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Avoiding Predation

Most animals get their food from preying on other organisms, and much of the life of animals involves eating and avoiding being eaten.

So it is not surprising to find many examples of adaptations that We shall examine some of the devices that help their owners avoid being eaten.

Camouflage (cryptic coloration)

Many animals are patterned to blend in with their surroundings.

Link to some examples.


Masquerading animals resemble some inanimate object and thereby escape detection by potential predators (or prey).

The motionless twig caterpillar shown here (courtesy of Muriel V. Williams) complete with "buds" and "lenticels" escapes detection by birds (but pays for its cleverness by occasionally having some other insect lay eggs on it by mistake).

Link to another example of masquerade.

Chemical Defenses

Many plants and animals use repellent chemicals to deter predation. But what if you have a powerful defensive weapon but no potential predator notices until it has launched an attack? One solution to this dilemma is the evolution of warning coloration (also called aposematic coloration).

Aposematic Coloration

This is the larva of the monarch butterfly; an example of aposematic coloration. There is no question of camouflage here. Rather this creature is advertising its presence.

The milkweed leaves on which it is feeding contain cardiac glycosides that are toxic to most animals because they block the activity of the Na+/K+ ATPase that is essential for many cell functions [Link]. However, the monarch has 3 point mutations in the gene encoding its Na+/K+ ATPase, and these render it resistant to the toxic effects of the glycosides. The larva stores these within its body and thus becomes unpalatable to vertebrate predators.

The chemicals remain in the body even after metamorphosis, so that adults are unpalatable as well.

In these photographs (provided by Lincoln P. Brower) a blue jay eats a portion of a monarch butterfly (left) that had fed (in its larval stage) on poisonous milkweed. A short time later, the blue jay vomits (right). Following this episode, the blue jay refused to eat any other monarch offered to it.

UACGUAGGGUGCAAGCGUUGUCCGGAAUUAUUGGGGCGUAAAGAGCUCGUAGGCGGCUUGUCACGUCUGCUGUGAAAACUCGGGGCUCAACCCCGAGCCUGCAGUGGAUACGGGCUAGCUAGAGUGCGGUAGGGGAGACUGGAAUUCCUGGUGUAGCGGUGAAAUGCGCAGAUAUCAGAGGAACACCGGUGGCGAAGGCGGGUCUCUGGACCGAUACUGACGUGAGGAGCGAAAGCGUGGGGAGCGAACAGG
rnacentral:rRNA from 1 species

Batesian Mimicry

If an animal is not noxious to potential predators, why not look like an animal that is?

Some examples:

This phenomenon is called Batesian mimicry (named after Henry W. Bates, a nineteenth-century naturalist who studied many such cases).

Müllerian Mimicry

Some unpalatable animals closely resemble other equally unpalatable species. Such mimicry is called Müllerian mimicry (in honor of the German zoologist Fritz Müller, who studied it). Presumably each species gains a measure of protection from the occasional, but educational, losses of the other species to predators.

Lincoln Brower, who has studied the monarch and viceroy, believes that the viceroy is as unpalatable to potential predators as the monarch, and thus is really an example of Müllerian mimicry.

Aggressive Mimicry

Some carnivores have evolved devices with which they mimic the prey (or potential mate) of other (usually smaller) predators. They use these devices as lures.

Two examples:

Group Behavior

Cooperation between members of a social species often reduces the severity of predation.
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31 October 2019